The Lynde family immigrated from Dunstable, Bedfordshire England, to Charlestown during the Great Migration. Thomas Lynde (1615-1693), a maltster by trade, was known to be in Charlestown by 1634. Following his death the inventory of Deacon Thomas Lynde’s estate listed two houses, a malt house, a stable, approximately 90 acres of various parcels of land much of it wooded, 13 cow commons, a hay lot, ¼ of a ketch, and two servants. The value of his estate was £1,709. By the time of the revolution, the large tract of land along Charles River Bay extending southwest of Town Hill from Arrow Street to Craigie’s Point (later Prison Point) had become known as Lynde’s Point.
In 1794, the widow of Thomas Lynde’s descendant Joseph Lynde sold the 20 acre parcel known as Lynde’s Point to Captain Archibald McNeil. The acreage comprised Washington Street, Old Rutherford Avenue (formerly Richmond Street and Bow Street) and part of Union Street, as well as the point of land west of Austin Street. Archibald’s father William was a rope maker whose ropewalks where located in Boston near High and Pearl Streets. After they were destroyed by fire in 1793 Captain McNeil established a new rope walk on his recently acquired acreage by Charles River Bay. The rope walk can be seen on the 1828 Peter Tufts Plan of Charlestown Peninsula. In 1800 McNeil sold Craigie’s Point to the Commonwealth of Massachusetts for the Charlestown State Prison. In 1804 Captain McNeil sold a parcel 75 feet by 325 feet to to Josiah Barker, shipbuilder. McNeil sold another parcel to J. Morrill, Samuel Jaques, Jr. and Matthew Skilton who established a turpentine and sprits factory.
In the early 1800s, McNeil built himself a large square house on Washington Street near the corner of Union Street. Timothy Sawyer described it as being surrounded by fields and pastures, and noted that there was a 45 ft. passageway from the house to the ropewalk. The ropewalk was low enough that there was an unobstructed view from McNeil’s mansion. The Prison Point Bridge had not been built nor had the building of the Prison commenced. One could look out across Charles River Bay at the Barrel Mansion on Cobble Hilll (later to become the McLean Asylum). Today, it is hard to imagine such a view. In 1814, McNeil sold his residence to Colonel Samuel Jaques, a businessman originally from Wilmington who was involved in trade with the West Indies. At that time the estate comprised about two acres. There was a stable, a carriage house, several outbuildings and gardens. Colonel Jaques kept horses, short horned Durham cattle, common cattle, geese, ducks, and fine hunting dogs as he was a foxhunter. According to Sawyer, he even kept two buffalos. Colonel Jaques remained in the house until 1832 when he moved to Ten Hills Farm, now Somerville. Charlestown was much larger at that time and included parts of Somerville, Arlington and Cambridge. At the time of Sawyer’s writing in 1888, The McNeil/Jaques house was still standing and had been turned into a two-family residence. Today, the house is no longer extant.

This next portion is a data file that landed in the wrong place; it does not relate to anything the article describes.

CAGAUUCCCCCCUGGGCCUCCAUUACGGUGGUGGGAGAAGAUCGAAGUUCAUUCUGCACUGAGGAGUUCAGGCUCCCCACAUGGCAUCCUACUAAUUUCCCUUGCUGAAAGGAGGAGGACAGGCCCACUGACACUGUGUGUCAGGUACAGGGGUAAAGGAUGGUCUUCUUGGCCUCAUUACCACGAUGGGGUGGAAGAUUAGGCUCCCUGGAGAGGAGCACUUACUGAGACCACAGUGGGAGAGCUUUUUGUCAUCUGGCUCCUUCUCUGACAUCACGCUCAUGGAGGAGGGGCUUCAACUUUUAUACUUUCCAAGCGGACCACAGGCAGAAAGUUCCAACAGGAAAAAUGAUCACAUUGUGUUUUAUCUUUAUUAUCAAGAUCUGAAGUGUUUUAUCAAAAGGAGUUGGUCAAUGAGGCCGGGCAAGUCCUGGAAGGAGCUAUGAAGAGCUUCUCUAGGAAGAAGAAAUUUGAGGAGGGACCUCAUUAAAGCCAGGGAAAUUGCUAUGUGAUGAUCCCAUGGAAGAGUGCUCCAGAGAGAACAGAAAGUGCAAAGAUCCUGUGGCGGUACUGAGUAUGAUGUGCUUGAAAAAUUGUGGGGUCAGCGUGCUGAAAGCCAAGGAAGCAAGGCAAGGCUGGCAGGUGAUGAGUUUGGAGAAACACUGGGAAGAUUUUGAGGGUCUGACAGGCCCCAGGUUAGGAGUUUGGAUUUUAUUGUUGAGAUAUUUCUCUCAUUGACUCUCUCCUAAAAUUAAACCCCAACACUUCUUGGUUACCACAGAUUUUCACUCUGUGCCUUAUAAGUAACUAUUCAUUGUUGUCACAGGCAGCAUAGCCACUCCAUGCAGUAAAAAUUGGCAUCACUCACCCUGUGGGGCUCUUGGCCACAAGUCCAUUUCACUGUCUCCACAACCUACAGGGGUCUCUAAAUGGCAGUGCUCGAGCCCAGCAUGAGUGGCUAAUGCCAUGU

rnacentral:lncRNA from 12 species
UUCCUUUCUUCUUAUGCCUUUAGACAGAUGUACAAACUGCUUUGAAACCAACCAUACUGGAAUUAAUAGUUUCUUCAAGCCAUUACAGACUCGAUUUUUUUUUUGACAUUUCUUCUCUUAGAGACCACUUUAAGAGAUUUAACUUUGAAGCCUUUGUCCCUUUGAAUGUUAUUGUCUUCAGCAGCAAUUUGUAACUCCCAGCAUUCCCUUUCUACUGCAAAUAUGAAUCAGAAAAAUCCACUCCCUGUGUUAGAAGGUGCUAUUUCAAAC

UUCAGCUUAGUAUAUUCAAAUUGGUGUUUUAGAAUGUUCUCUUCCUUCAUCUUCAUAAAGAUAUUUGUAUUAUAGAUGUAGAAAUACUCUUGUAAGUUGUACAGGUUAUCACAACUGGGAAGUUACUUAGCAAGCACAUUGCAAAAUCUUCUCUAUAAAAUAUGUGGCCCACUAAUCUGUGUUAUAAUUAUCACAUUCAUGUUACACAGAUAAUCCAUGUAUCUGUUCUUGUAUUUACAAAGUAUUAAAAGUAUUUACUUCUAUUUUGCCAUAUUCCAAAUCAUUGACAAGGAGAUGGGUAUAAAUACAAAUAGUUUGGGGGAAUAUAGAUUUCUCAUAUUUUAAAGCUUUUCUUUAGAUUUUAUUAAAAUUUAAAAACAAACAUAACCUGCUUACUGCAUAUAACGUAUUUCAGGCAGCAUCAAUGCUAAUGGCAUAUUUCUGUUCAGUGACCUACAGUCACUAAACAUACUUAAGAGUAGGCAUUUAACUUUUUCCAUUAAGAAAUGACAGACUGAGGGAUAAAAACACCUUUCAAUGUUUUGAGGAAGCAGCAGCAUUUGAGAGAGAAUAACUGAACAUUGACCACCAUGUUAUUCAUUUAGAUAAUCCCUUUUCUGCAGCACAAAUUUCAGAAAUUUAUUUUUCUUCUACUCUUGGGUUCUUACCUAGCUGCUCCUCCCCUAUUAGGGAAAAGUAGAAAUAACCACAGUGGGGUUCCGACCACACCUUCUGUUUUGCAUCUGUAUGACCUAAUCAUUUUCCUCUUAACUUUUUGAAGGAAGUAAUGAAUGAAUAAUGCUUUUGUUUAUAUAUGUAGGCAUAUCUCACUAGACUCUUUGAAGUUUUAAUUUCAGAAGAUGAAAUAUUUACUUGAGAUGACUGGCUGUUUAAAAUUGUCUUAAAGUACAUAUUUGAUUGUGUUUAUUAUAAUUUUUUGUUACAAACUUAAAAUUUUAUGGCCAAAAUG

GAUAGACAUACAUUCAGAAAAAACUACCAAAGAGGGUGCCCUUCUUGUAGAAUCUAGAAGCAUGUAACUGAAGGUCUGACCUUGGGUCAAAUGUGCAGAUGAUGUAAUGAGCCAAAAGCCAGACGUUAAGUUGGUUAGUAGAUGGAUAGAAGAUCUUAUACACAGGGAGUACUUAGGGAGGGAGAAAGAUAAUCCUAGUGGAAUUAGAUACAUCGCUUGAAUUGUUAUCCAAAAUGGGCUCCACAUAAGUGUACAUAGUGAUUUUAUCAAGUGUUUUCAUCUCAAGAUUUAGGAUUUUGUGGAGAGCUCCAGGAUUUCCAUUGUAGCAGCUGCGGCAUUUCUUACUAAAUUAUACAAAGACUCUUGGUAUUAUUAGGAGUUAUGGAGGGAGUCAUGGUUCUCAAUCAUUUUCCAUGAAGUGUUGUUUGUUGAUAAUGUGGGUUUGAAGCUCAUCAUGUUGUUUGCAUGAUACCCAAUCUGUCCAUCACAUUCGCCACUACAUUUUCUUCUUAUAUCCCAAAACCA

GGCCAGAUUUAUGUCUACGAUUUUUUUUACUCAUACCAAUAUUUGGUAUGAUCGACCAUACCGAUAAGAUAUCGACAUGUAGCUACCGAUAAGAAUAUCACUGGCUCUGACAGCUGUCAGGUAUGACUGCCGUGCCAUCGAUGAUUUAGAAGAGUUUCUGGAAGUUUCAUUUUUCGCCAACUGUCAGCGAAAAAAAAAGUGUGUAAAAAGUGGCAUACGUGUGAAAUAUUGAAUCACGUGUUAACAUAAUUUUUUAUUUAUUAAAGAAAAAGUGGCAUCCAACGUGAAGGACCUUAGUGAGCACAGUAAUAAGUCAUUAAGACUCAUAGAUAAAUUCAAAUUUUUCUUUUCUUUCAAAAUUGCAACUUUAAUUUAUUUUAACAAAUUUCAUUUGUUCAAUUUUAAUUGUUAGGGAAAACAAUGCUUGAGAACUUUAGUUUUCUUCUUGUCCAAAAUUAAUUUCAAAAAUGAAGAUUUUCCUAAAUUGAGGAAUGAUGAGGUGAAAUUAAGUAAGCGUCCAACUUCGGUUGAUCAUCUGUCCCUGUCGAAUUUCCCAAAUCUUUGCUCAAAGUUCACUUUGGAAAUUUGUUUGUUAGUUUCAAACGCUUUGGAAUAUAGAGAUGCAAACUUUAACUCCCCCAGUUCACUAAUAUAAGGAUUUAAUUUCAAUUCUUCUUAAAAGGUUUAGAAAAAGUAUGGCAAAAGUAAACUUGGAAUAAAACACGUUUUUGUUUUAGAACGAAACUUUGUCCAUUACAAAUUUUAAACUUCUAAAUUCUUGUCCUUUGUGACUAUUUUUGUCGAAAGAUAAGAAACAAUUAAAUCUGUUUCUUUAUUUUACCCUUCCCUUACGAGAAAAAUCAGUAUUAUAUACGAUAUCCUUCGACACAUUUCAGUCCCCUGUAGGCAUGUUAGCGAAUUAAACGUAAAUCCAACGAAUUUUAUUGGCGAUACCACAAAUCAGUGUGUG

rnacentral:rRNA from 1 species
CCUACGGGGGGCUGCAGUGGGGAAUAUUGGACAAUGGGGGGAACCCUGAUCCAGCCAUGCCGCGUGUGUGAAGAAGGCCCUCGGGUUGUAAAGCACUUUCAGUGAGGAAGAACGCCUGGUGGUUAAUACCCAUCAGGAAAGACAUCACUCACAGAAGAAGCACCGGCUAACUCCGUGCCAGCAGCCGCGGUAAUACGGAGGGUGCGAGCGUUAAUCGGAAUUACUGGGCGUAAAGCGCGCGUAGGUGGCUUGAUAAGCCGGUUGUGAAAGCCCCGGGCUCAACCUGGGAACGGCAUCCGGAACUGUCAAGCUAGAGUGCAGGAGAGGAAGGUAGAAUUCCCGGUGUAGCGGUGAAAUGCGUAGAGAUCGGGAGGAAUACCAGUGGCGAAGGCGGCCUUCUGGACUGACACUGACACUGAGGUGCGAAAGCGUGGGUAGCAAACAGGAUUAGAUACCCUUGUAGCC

Josiah Barker (1763-1847) established a very successful shipyard on his parcel. Barker was a naval constructor who arrived in Charlestown in 1799 from Marshfield. He worked for the U.S. Government in the Navy Yard, and supervised the refurbishment of the Constitution from 1833-35. In 1810, Barker acquired a second parcel on Lynde’s Point making his private shipyard 130 feet by 350 feet. Barker constructed a 620 ton vessel, the Union, to be used as a privateer but the War of 1812 ended, and she was refitted to be a merchantman. Working with another shipbuilder Captain John M. Robertson 38 vessels were built in Charlestown on the shores of Charles River Bay, among them the Pandora (1806), the Faun (1811) and the Aurora (1815).